MLB: Kody Clemens Finding Success In Philadelphia

Kody Clemens of the Philadelphia Phillies throws a pitch in the top of the ninth inning against the Chicago Cubs at Citizens Bank Park on May 19, 2023 in Philadelphia, Pennsylvania. The Cubs defeated the Phillies 10-1. (Photo by Mitchell Leff/Getty Images)

By Jon Caroulis
World Baseball Network

PHILADELPHIA – Few fathers see their son rip a walk-off hit in the Major Leagues and a few days later retire the side in order from the mound. 

Pitching great Roger Clemens witnessed both when his son Kody singled in the ninth inning on June 8 to defeat the Detroit Tigers. He then took the mound two days later to save some bullpen arms in a lopsided Phillies loss to the Los Angeles Dodgers. 

It was a double thrill for the 27-year old to not only to give his team the victory, but do it with his father at the ballpark.

“Absolutely,” said the younger Clemens. “(My father) had come up for the weekend, and for the game to kind of wind up like that, especially versus the Tigers, it was a pretty cool moment for me.” It was the first walk-off hit of his career.

A third round pick in the 2018 draft, Clemens batted .145 with the Tigers last season. In January, he was part of a five-player deal in which Philadelphia shipped outfielder Matt Vierling, infielder Nick Maton and catcher Tommy Sands to Detroit for Clemens and closer Gregory Soto.

Clemens had an outstanding spring training, but was one of the Phillies’ last cuts, and began the season at Triple-A Lehigh Valley.

“It’s the business of baseball,” said Clemens. “The roster fell the way it did out of spring training. I did really well, I’d shown the guys that I was capable of playing, and unfortunately it didn’t fall my way, but you just have to keep your head up and keep grinding. You have confidence in yourself and the time will come.”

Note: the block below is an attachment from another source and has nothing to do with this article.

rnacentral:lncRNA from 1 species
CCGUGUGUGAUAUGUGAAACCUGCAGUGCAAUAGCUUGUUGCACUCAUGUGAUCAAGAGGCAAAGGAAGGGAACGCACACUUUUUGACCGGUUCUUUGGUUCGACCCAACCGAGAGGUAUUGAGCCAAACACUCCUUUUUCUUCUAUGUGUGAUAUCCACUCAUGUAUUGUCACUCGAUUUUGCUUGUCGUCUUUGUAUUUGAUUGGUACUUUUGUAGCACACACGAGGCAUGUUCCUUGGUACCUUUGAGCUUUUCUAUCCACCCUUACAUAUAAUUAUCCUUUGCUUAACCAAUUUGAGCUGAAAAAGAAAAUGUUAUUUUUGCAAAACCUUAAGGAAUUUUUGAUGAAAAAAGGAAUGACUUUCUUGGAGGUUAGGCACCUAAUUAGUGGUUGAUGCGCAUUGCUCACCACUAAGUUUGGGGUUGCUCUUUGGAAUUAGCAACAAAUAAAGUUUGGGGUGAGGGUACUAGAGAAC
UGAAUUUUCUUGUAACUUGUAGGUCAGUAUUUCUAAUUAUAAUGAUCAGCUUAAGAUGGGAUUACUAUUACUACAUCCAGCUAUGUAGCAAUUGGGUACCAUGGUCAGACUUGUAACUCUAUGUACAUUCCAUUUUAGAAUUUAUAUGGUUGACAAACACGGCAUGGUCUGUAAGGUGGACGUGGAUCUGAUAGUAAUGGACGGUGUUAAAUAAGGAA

“I knew I was going to be a part of this team at some point during the year, so that kind of kept my hopes up,” he said. 

By early April the Phillies were down two first-basemen: starter Rhys Hoskins tore his ACL and Derek Hall suffered a hand injury that required surgery. 

“You don’t ever want to see that, see my teammates go down, but that gave me the opportunity,” said Clemens. 

He started slow, but has been one of the team’s most consistent hitters. A left-handed swinger, he plays first base against southpaw starters.

Kody is the third of Roger Clemens’ four sons, all of whose names all begin with the letter ‘K,’ a nod to dad’s proclivity for striking out batters –  4,672 of them over his career, good for third on the all-time list.

At Memorial High School in Houston, he batted .553 his senior season. He was the team’s shortstop, and switched to closer when his team was ahead. Despite his family pedigree, he never considered being a pitcher. 

“I was 88 to 90 (MPH) with a flat fastball, and it plays in high school for sure, but it does not play at the higher levels,” he said laughing. But that did not mean the end of his mound appearances.